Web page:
contributed by Nathan Gehring CFP®
Sure, every financial decision a person makes has an economic impact on that person. And we can do quite a good job at projecting what the potential economic impact might be in the future. But I find myself personally fascinated by the non-economic impacts of financial decisions. I believe that considering these non-economic impacts is as important as considering the economic ones when making financial decisions.
Recently, I’ve been reviewing dozens of research papers that explore just such questions. One research paper I read suggested that high parental support for children to attend college has been shown to reduce GPA. Another showed the connection between carrying debt and an increased incidence of depression.
So I thought I’d chase down research looking at the non-economic impact of deciding to immigrate to another country (as many of our clients do). And a real dandy of a research paper surfaced, one that explored the impact on subjective (self-reported) happiness of people choosing to immigrate.
An interesting study released May 2011 by John Gibson, David McKenzie and Steven Stillman titled Miserable Migrants? Natural Experiment Evidence on International Migration and Subjective Well-Being suggests that international migration has both positive and negative impact, which runs counter to much research completed previously on this topic.
According to the paper, prior studies have generally suggested that international migration creates negative impact on subjective well-being despite often resulting in positive impact on “material” (financial) well-being. There are a variety of theories on why this occurs. The most compelling include the likelihood that unhappy people are more likely to migrate in the first place and the potential that once they have migrated, people’s aspirations increase in the new country and so that they feel equally unattainable as their former aspirations in the previous country. This creates frustration.
Good and Less Good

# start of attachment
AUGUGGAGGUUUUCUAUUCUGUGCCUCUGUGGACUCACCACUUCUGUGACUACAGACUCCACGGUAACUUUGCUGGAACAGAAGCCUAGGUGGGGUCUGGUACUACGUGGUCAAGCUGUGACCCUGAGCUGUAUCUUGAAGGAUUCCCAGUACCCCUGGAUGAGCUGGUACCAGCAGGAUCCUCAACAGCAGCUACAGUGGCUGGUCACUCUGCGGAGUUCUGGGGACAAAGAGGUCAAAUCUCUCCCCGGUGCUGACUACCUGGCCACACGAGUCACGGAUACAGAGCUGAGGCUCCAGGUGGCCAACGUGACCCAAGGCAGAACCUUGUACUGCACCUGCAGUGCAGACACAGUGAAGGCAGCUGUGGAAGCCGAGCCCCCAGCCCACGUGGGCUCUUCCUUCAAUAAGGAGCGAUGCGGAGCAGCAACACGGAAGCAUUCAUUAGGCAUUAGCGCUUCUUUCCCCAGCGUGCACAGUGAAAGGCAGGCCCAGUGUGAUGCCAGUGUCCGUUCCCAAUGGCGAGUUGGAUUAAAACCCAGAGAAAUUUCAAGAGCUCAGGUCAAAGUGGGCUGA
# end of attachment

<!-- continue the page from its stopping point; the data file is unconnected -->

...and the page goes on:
This new research brings into question the conclusion that migration results in lower subjective well-being. The research suggests that migration has powerful positive benefits, and some impact that is more difficult to decipher.
One effect suggested by the study is significantly improved mental health for migrants, particularly when viewed beyond the short-term. The impact on happiness was less clear, with results on happiness fluctuating over time. Interestingly, migrants self-report increased welfare and respect received by others, but experimental results show no increase in welfare and actually a slight reduction in respect.
Immigration and Happiness
I find this research quite interesting. Not surprisingly, the impact on subjective well-being of international migration is, well, kind of subjective. The impact is a bit unclear. Certainly significantly improved mental health is a great benefit, particularly when tied with improved financial well-being. Yet other impacts seem a bit uncertain. Are people happier after migrating or not? The results are unclear. People seem to “feel” more respected, but experiments show that not to be the case.
Does immigration improve happiness? Ultimately, that will be a question only your own experience can answer. While these types of studies can show us trends and themes among large groups of people, every individual experience will be different. You do not live an “average” life, but a very unique life driven by unique motivations, experiences and challenges.
However, this study goes a long way toward illustrating that international migration is not quite the negative decision many previous studies have painted. In fact, in many ways the decision could be very positive both from a financial perspective and from subjective well-being.
As I help people make financial decisions, I am increasingly relying on this type of research to offer them some insight into the possible non-financial impact of financial decisions. While the financial impacts are certainly very important, the non-financial impacts are often equally important. I want my clients to consider a variety of impacts of their financial decision and I hope you will consider them in your financial decisions in the future.